The CCE Kindergarten team uses stations at multiple times during the day. During literacy, they use a station type formula where learners visit a different table of activities every 20-30 minutes with a minilesson between each rotation.  Each group, which has between 4-6 learners, is able to visit all 4 station activity tables daily. This allows the educator to assist individuals or work with one particular station table for more targeted work.  While learners do visit all stations, choice is given within the stations as to how a learner could complete his or her work.  For example, at the penguin research table, a learner might choose to research using PebbleGo, read a book, or use an app to explore more about the animal before creating a thinking map to show their understanding. During Math, learners also work in stations, rotating through 1 station a day with stations changing each week.

Having learners work in stations means that the educator is able to differentiate more and work with each learner toward individual learning goals. Because the Kinder team sets up their station activities the afternoon before, it allows them to focus on facilitating and working with kids during the time they have them.  It also makes it easier to integrate new technology and skills.  Working with a small group to create a screencast in ShowMe or a digital story in ScribblePress can be much easier than introducing with the whole group.  
The learners love it because it gives them freedom to work more independently, while also providing the structure and routine they need.  They can mix and mingle in the room but still be held accountable by uploading project photos and video into their digital portfolios built in the DIY app.

Advice to other educators trying stations: start small and build up to the routine you want to see.  It sometimes looks like chaos from the outside, but it is organized chaos that works.

Take a look at these cute learners in action:

Our second guest blogger is Beth Marlow from Coppell Middle School West.

In both Algebra and Math 8, I offer activities in small group stations that challenge the learners at their readiness level and helps them to advance to the next level.  The learners have options on which stations to work as long as they meet the required number of points.  Each learner has a number of points they need to accomplish by the end of the stations. By providing different activities the learner has a choice on how they choose to demonstrate their knowledge and understanding.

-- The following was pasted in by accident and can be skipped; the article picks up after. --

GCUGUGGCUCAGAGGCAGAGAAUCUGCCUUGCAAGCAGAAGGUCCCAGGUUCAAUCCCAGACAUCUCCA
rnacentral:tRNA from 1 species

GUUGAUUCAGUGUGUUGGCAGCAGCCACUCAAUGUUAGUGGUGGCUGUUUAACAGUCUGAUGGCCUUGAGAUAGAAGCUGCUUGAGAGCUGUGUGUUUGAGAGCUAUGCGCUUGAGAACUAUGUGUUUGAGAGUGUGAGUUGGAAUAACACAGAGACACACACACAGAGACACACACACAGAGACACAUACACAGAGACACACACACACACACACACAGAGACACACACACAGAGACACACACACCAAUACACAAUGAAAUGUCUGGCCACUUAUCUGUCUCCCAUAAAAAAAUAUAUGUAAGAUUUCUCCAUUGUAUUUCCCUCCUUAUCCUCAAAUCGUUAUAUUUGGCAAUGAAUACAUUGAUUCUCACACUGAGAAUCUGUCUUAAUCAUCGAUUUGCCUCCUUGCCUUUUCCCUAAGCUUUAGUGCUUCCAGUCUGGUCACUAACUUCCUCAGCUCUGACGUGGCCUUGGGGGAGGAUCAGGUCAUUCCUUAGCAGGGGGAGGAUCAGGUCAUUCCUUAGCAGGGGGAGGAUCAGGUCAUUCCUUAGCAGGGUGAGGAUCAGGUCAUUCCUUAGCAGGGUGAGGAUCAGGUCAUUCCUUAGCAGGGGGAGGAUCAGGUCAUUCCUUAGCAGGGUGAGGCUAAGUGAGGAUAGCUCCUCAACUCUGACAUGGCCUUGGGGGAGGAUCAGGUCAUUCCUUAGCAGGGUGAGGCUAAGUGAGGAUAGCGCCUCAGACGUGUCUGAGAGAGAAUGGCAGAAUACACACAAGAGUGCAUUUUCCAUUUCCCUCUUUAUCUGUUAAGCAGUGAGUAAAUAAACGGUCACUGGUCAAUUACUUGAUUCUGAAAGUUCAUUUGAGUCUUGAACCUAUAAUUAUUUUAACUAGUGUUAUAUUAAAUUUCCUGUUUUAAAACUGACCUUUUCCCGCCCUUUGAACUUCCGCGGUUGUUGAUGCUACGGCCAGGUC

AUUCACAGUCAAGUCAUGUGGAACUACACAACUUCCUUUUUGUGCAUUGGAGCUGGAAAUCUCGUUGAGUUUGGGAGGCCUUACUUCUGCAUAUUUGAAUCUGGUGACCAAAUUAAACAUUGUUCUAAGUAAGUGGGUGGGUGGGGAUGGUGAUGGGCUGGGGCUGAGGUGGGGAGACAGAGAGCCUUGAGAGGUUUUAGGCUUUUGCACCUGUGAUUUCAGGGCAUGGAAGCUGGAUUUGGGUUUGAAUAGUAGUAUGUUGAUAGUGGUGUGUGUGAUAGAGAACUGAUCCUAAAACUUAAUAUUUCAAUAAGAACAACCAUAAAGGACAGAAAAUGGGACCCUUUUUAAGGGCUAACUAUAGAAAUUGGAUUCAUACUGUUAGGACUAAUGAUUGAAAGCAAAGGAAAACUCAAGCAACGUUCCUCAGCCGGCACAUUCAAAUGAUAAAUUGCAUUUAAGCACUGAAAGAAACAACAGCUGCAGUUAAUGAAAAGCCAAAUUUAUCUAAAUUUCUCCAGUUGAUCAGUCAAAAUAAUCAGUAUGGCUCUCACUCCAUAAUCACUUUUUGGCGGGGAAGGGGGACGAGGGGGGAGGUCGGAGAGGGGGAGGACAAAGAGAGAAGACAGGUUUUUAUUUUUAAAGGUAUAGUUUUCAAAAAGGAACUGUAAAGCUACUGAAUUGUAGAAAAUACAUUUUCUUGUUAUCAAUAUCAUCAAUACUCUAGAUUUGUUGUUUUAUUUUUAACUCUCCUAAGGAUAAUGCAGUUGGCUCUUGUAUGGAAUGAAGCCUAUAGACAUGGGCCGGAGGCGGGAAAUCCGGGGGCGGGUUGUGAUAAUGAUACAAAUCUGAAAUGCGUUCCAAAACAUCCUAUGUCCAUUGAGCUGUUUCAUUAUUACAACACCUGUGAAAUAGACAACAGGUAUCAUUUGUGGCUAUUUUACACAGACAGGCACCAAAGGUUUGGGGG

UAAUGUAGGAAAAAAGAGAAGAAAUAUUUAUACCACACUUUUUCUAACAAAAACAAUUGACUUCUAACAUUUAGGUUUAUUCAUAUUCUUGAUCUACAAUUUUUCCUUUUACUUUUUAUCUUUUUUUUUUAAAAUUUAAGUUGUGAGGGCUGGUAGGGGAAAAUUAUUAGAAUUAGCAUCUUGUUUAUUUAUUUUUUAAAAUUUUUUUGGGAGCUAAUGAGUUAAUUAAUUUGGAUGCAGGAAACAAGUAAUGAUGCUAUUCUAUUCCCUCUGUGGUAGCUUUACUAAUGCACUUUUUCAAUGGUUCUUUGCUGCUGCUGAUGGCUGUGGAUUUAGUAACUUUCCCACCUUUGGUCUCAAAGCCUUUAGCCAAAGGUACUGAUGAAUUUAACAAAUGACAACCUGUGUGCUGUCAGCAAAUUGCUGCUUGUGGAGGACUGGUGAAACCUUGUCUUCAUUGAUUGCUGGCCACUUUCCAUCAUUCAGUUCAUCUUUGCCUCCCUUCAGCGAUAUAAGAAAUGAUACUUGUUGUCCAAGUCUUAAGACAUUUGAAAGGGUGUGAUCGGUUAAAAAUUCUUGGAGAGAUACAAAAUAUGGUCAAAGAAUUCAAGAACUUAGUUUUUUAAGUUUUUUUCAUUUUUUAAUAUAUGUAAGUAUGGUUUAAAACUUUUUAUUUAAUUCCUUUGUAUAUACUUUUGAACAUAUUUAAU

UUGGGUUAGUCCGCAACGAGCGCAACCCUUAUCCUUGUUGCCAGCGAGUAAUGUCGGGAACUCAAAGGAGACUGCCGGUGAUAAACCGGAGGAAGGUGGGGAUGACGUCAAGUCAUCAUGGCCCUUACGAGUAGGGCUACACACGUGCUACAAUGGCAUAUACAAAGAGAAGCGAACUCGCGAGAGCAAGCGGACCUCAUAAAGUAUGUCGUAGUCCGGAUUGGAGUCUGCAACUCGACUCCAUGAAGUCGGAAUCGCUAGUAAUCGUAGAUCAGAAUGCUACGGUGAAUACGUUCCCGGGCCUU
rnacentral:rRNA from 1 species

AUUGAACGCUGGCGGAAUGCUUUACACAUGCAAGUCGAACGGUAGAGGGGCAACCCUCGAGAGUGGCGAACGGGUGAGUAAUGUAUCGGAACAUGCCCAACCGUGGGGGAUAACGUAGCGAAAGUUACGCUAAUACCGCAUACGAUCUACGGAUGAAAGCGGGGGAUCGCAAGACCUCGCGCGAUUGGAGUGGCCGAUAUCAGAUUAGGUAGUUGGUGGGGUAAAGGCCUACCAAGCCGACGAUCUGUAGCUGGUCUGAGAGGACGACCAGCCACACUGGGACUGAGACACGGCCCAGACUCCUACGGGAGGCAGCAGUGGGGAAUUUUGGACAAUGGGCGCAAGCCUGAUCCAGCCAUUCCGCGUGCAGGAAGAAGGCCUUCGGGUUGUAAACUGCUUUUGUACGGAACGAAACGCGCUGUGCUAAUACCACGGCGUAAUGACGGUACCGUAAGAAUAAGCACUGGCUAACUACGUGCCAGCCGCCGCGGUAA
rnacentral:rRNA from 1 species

Here is an example of a station record sheet I used for teaching scientific notation.

The stations use a variety of strategies.  I do try to provide activities that can appeal to all the different type of learners we have in our classrooms. Most of the activities provide immediate feedback or I check often for the learners understanding.  Some activities are online or interactive with the smart board; such as, gizmo, battleship, rags to riches, and socratives.  Some activities are hands-on activities with dice, cards, spinners, and “Here is.Where is.” Other activities are application problems that allow the learner to delve deeper into the concepts being covered, Dan Meyer act 3 or Would You Rather?

Dan Meyer act 3 (  provides real life examples of where different math concepts are found in the “real world.”  Act one introduces a conflict or task.  Act two gives resources the learner might need to help answer the task. Act three answers the task or sets up the extension. For example, in act one a video shows a person eating sugar packets and then shows a person drinking a soda.  The question posed is how many sugar packets are in a can of soda.  Act two gives the resource of the amount of grams of sugar in a sugar packet and the nutrition facts about a can of soda.  Act three shows how to work out the situation.

Would You Rather ( asks a mathematical situation and the learner chooses which direction they would choose and justify their answer mathematically.  For example, would you rather run around the outside of a circle with a circumference of 20m or around a rectangle that has the side lengths of 20m and 40m.